Costs for health care have unrelentingly spiraled upward, and there appears to be no end to the increasing financial burden on individuals, societies, and states. Demand has outstripped supply. As a benchmark, it is worth noting that the average US general surgeon performed 398 procedures per year from 1995 to 1997. Of these cases, 102 (26%) were abdominal procedures, 63 (16%) were for alimentary tract procedures, 55 (14%) were for breast operations, 51 (13%) were for endoscopic procedures, 48 (12%) cases involved soft-tissue operations, 39 (12%) cases were vascular procedures, trauma accounted for 6 (2%) cases, 4 (1%) cases were for endocrine disease, and 3 (1%) were for head and neck. Of the 398 procedures, 44 (11%) cases were for minimally invasive laparoscopic operations [7]. This is an average yearly workload for a general surgeon in the United States, and may be taken as a baseline for what a general surgeon can accomplish in a developed Western country that has a high demand for health care.

2.4 A Technological Solution to Health Care Cost

In many poorer countries, the ability (financial remuneration, personal growth, safety, quality of life issues, academic satisfaction, etc.) to supply and deliver health care is very limited or nonexistent. The solution to the dilemma of providing health care in an environment of limited resources has been obscure, but with the use of disruptive technologies, the solution may be obtainable.

Over the last 50 years, technology has revolutionized health care, and it will likely continue to do so in the future. Technology, however, comes in many guises. It is in the application of technology and, in particular, those technologies of a more simple, convenient form, that may hold the key to reducing costs and allow medical care to be more widely available.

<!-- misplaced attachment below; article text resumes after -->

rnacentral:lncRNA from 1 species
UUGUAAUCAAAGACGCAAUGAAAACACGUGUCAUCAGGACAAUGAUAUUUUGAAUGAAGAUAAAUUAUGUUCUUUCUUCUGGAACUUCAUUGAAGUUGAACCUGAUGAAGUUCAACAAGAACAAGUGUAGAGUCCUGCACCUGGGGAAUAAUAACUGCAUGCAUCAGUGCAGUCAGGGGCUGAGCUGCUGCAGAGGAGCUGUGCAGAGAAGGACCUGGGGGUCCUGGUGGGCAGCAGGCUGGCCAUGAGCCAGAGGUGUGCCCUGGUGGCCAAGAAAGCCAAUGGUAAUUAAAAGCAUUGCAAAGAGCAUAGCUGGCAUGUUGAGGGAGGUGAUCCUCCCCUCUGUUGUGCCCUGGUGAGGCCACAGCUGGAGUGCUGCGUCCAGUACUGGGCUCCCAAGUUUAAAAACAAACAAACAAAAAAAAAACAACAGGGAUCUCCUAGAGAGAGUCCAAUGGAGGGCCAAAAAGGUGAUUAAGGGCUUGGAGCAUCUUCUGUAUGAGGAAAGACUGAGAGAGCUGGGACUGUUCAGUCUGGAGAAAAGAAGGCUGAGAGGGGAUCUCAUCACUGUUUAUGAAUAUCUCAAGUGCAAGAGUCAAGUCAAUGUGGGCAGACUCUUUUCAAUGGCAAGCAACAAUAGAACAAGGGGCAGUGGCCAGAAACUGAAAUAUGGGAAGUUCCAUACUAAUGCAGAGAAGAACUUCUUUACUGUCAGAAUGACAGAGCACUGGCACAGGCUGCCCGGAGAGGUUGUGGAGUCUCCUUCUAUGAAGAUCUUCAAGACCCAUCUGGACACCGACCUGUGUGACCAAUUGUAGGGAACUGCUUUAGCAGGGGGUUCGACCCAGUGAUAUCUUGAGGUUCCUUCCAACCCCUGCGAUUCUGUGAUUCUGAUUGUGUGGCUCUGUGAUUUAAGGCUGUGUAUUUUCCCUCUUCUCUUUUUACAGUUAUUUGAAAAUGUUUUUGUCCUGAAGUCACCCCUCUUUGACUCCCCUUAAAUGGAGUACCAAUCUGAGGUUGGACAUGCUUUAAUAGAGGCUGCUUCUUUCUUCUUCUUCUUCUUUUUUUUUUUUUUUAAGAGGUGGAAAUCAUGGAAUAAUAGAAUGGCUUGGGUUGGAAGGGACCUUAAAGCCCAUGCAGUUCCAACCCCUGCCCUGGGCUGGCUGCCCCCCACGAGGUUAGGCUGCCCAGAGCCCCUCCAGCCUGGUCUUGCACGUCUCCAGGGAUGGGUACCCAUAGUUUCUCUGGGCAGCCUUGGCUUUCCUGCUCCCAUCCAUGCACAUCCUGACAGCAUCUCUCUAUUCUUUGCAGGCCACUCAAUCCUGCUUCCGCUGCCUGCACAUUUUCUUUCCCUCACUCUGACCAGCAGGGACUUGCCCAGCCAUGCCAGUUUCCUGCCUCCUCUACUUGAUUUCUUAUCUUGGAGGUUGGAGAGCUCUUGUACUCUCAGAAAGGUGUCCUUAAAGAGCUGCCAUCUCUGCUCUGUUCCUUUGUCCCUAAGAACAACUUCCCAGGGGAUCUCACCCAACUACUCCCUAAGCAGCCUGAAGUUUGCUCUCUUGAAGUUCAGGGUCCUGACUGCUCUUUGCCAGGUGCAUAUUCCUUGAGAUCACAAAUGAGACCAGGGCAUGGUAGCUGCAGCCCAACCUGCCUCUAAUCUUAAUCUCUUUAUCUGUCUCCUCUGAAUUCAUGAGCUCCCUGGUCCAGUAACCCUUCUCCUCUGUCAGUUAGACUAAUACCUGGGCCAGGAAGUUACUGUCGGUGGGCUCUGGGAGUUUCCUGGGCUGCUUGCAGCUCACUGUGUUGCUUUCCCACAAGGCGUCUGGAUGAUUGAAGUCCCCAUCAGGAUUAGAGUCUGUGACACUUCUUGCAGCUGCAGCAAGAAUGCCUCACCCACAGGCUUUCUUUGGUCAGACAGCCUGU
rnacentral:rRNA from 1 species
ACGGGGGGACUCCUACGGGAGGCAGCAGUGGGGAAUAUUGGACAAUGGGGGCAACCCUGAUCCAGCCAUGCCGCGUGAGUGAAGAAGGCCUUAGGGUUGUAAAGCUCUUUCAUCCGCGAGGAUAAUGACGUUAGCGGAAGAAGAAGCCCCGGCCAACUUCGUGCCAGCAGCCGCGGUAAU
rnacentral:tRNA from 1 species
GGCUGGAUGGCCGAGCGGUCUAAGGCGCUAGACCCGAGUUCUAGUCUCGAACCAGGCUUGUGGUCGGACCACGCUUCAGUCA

The experience of industry with sustaining and disruptive technologies provide clues and perhaps suggest an answer to the dilemma of providing health care in this technologically driven age. Christensen et al. have suggested that sustaining innovation (technology) is the improvement an industry creates as it introduces new and more advanced products to serve the more sophisticated customers at the high end of a market [2]. Disruptive innovations (technology) are cheaper, simpler, more convenient products or services that start by meeting the needs of less demanding customers. For example, the invention of the printing press (disruptive technology) put a large number of human copiers of books out of business. The lay public was less demanding of book producers than were the clerics and academics of the day. Texts did not need to be hand printed or illuminated in gold to provide their message. The inexpensive, portable camera developed by George Eastman a century ago disrupted the art world by virtually eliminating the need for expensive portrait artists. The invention of electrophotography by Chester Carlson in 1938 (later called xerography) revolutionized the world of printing and decreased reliance on printing professionals.